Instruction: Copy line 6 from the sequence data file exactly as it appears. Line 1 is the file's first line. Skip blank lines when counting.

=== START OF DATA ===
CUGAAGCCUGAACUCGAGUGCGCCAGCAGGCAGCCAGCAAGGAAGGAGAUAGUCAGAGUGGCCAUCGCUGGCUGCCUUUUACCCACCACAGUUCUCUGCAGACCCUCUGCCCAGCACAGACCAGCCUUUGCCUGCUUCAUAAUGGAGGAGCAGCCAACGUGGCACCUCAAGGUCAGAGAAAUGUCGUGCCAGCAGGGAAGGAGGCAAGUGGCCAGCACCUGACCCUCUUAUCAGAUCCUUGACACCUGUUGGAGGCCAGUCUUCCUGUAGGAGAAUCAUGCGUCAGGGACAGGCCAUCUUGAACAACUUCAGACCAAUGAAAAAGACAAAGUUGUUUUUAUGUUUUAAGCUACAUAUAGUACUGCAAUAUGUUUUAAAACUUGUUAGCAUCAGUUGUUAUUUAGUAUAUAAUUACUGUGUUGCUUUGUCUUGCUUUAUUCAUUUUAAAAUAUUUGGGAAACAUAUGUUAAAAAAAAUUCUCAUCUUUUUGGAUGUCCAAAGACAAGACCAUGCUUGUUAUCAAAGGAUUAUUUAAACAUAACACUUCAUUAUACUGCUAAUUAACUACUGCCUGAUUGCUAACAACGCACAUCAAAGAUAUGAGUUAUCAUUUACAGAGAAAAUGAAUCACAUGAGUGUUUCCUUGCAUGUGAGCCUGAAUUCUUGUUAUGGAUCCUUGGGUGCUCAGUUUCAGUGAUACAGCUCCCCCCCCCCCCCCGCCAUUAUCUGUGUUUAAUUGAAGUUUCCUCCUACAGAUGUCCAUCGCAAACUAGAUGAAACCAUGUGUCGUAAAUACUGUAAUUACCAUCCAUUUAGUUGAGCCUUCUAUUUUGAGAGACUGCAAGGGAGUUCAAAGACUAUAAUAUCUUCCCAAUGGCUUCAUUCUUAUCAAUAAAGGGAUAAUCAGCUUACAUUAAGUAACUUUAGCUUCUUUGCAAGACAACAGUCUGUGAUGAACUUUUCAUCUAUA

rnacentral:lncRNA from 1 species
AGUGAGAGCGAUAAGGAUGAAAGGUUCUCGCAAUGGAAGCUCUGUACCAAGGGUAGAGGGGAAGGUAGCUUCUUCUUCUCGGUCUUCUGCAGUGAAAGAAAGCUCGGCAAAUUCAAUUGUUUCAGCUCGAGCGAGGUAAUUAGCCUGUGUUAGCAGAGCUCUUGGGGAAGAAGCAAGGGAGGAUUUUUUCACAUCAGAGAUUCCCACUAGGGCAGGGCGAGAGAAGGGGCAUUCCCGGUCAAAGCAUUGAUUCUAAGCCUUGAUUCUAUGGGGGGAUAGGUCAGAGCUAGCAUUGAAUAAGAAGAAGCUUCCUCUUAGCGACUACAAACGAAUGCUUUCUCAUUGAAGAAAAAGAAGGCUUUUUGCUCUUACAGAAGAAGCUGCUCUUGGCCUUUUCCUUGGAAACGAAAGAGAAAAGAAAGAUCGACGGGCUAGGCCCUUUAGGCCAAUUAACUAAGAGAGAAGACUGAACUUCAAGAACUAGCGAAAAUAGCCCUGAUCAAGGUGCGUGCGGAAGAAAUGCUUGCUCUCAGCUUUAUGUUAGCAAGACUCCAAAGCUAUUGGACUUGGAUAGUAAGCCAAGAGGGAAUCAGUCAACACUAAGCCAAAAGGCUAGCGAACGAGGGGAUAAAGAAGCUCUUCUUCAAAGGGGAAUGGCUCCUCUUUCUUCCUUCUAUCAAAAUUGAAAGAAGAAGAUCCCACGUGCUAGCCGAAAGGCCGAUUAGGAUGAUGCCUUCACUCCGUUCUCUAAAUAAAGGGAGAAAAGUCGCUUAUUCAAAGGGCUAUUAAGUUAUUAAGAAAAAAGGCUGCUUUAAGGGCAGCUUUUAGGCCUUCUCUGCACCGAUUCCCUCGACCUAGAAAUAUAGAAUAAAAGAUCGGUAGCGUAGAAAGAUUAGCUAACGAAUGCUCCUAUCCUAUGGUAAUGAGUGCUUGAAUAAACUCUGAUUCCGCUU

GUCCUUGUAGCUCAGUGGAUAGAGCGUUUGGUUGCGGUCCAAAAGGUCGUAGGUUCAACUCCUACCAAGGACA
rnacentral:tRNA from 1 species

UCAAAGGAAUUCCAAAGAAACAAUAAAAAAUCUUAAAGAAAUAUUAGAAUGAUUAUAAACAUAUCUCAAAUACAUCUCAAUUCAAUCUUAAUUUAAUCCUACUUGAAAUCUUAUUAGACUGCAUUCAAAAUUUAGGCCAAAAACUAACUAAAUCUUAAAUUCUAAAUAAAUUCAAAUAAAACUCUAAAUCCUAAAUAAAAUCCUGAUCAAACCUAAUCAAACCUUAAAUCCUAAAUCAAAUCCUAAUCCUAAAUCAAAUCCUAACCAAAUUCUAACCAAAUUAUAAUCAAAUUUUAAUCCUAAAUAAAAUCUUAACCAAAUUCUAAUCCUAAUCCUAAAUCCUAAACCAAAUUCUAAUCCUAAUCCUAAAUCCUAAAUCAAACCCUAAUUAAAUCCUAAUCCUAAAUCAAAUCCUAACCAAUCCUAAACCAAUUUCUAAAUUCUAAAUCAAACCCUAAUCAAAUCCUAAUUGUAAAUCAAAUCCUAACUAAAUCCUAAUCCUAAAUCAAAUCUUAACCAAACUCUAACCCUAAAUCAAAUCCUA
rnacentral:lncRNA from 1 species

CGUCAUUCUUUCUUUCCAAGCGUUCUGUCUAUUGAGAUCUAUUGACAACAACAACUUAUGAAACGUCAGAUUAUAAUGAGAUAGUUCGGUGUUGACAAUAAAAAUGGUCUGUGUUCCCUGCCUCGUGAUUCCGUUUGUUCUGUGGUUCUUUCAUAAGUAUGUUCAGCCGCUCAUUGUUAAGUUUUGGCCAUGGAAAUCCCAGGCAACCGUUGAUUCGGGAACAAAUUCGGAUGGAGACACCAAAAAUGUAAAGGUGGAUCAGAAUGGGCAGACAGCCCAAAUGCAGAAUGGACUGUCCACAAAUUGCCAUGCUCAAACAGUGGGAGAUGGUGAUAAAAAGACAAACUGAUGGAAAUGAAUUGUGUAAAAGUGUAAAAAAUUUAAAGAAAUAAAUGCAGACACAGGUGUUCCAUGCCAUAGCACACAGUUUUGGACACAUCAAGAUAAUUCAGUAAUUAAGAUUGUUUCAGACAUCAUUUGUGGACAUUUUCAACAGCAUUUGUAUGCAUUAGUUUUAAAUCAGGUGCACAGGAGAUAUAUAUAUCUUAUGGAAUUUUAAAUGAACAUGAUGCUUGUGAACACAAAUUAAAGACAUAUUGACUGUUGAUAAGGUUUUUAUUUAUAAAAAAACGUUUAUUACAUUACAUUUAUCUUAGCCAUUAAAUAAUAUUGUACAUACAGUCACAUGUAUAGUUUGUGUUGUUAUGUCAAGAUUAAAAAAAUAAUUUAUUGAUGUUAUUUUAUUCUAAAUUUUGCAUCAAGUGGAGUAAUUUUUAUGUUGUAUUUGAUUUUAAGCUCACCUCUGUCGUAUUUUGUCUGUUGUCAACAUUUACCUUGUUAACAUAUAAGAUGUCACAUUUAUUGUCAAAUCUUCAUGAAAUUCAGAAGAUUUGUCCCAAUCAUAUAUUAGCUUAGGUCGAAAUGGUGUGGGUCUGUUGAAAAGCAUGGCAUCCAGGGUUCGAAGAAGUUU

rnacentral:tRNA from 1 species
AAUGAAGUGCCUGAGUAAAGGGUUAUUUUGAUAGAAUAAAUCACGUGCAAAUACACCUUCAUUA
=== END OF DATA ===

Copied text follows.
UCAAAGGAAUUCCAAAGAAACAAUAAAAAAUCUUAAAGAAAUAUUAGAAUGAUUAUAAACAUAUCUCAAAUACAUCUCAAUUCAAUCUUAAUUUAAUCCUACUUGAAAUCUUAUUAGACUGCAUUCAAAAUUUAGGCCAAAAACUAACUAAAUCUUAAAUUCUAAAUAAAUUCAAAUAAAACUCUAAAUCCUAAAUAAAAUCCUGAUCAAACCUAAUCAAACCUUAAAUCCUAAAUCAAAUCCUAAUCCUAAAUCAAAUCCUAACCAAAUUCUAACCAAAUUAUAAUCAAAUUUUAAUCCUAAAUAAAAUCUUAACCAAAUUCUAAUCCUAAUCCUAAAUCCUAAACCAAAUUCUAAUCCUAAUCCUAAAUCCUAAAUCAAACCCUAAUUAAAUCCUAAUCCUAAAUCAAAUCCUAACCAAUCCUAAACCAAUUUCUAAAUUCUAAAUCAAACCCUAAUCAAAUCCUAAUUGUAAAUCAAAUCCUAACUAAAUCCUAAUCCUAAAUCAAAUCUUAACCAAACUCUAACCCUAAAUCAAAUCCUA